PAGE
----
Louis Dudek: A poet's poet

Louis Dudek: A poet's poet McGill University

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McGill Reporter
April 5, 2001 - Volume 33 Number 14
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Home > McGill Reporter > Volume 33: 2000-2001 > April 5, 2001 > Louis Dudek: A poet's poet

Louis Dudek: A poet's poet

Photo Emeritus Professor Louis Dudek
PHOTO: McGill University Archives

Louis Dudek, professor emeritus in the Department of English, passed away on Thursday, March 22, 2001, at the age of 83.

His contribution to Canadian literature as essayist, polemicist, critic and commentator gave the Faculty of Arts one of its most eminent scholars, but it is as a poet, and a defender of poetry's value in our lives, that he will be most keenly missed by a wider community of Canadian writers and readers.

Professor Dudek joined the Department of English in 1951, after doctoral studies at Columbia University. Born in Montreal in 1918, he completed his BA at McGill in 1939, worked briefly in advertising, and was prominent among the poets who participated in First Statement (1942-1945), a seminal "little magazine" in the development of modern Canadian literature.

Returning from seven years in New York, he established himself promptly on the literary scene with his long poems Europe (1954) and En Mexico (1958) and maintained his commitment to the long poem throughout his life: Atlantis, a breakthrough experiment in modern form, appeared in 1967; Continuations --an ongoing record of the poet in his meditative life -- appeared in four volumes between 1981 and 2000.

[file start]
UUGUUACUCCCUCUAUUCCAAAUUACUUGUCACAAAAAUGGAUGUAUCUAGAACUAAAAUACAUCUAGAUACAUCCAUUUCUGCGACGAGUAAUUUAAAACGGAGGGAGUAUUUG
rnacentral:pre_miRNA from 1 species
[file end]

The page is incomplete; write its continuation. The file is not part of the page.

In and among these high-water marks Dudek published another 16 volumes of poetry. His life-long commitment to self-publication, as a means of ensuring the poet's freedom from contamination by the marketplace, and his advocacy of modernism were exemplary for generations of younger poets.

Dudek also earned distinction among the founders of Canadian literary criticism. His pithy, demanding essays were collected in various volumes, most notably in Selected Essays and Criticism (1978) and in a special issue of Open Letter (1981).

He was a regular contributor of articles to Canadian academic journals and, in keeping with his commitment to literature as part of daily life, made frequent appearances on CBC Radio and in various newspapers as a commentator on the arts and culture.

Dudek did not see such commitments as detracting from his vocation as a poet. He always sought forms and modes of poetry that would allow the expression of philosophical insight as readily as the articulation of feeling, and later in his career he found striking new forms for their convergence, most notably in Ideas For Poetry (1983).

A gifted and natural lecturer, Dudek gave one of the most popular and challenging courses in the history of the Faculty of Arts. "Great Writings of Europe," a linked two-year course, brought together the finest literature of the last three centuries in an attempt to understand the dynamic of tradition and subversion that had reached a disastrous climax in the twentieth century.

The course swelled rapidly from an early enrolment of thirty to five hundred but (to my personal regret as his later student) was abandoned in the campus disruptions and curricular re-directions of the 1960s.

Dudek's poetry received little critical discussion during his lifetime, a lack I believe he felt keenly, even though he shunned the kinds of fame and reputation that successful poets sometimes receive from their purchasers. His death will surely bring about a deepening of attention to his poetry's beauty and accomplishment as much as to its capaciousness of idea.

Real recognition, Dudek would probably remark, is almost always retrospective.

Professor Brian Trehearne
Department of English

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